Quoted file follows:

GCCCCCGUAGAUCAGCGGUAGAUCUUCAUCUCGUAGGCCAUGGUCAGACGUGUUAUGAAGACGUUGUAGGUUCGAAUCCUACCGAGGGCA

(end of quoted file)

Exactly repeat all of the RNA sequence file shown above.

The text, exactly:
GCCCCCGUAGAUCAGCGGUAGAUCUUCAUCUCGUAGGCCAUGGUCAGACGUGUUAUGAAGACGUUGUAGGUUCGAAUCCUACCGAGGGCA